In my experience, the vast majority of philosophy courses use one, and exactly one, assessment technique: papers (and occasionally a participation grade). At times an instructor will require a summary of the reading (to demonstrate comprehension), and at other times, a critical response (to demonstrate both critical and creative thinking). Though the prompts vary, however, the format remains the same. While I am generally pretty good about having them write drafts and then improve upon those, I still have trouble getting students to craft a sound and reasonable argument. This class is providing me an opportunity to examine the grading rut I have fallen into, but unfortunately I’m having trouble seeing a better way to assess student learning and critical thinking than having them write papers.
My goals for my students, when they complete an assessment, are as follows:
-that they demonstrate that they understand the texts we’ve read,
-that they can think about the text as an argument,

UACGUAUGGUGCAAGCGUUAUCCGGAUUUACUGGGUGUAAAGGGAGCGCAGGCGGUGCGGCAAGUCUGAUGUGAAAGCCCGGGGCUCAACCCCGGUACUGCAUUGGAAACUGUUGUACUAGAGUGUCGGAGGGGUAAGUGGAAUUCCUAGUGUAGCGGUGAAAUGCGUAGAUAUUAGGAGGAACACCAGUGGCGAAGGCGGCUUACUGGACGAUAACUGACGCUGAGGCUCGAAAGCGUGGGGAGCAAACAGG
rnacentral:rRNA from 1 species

-that they spend time carefully considering the argument as a whole,
-that they think critically about the argument,
-and that they formulate their own thoughtful response to it.
Source: Vanderbilt’s Center for Teaching
Essentially, my goal is for them to work their way through Bloom’s taxonomy, and in writing a paper, to show me how they did it and where they ended up. I do sincerely believe that writing a paper is one of the best ways to do that, because it forces them to slow down and think.
However, I can think of two things that might improve their learning outcomes.
- Taking them through the stages of Bloom’s taxonomy paper by paper. In other words, require that the first paper be a summary, the second paper be an application, the third paper be analysis, the fourth paper be a critique, and the fifth paper be an original response. In this way, I can lead them through the process step by step, rather than just throwing them in the deep end.
- Using Voice Thread to break the argument into pieces for them, presenting them with a one part of it per frame, and then allowing them to respond to individual sections of it (bonus: getting to incorporate images for the visual learners). I think this might prevent them from getting overwhelmed by the task of taking on the argument as a whole, and instead break it into comprehensible, manageable chunks. It would also keep them from misunderstanding the text and then trying to base their whole response on a misunderstanding (which is a particularly frustrating paper to grade).
Both of these hinge upon breaking both the material and the students’ responses to it into smaller pieces. I think it’s a reasonable goal and one that would greatly benefit my students.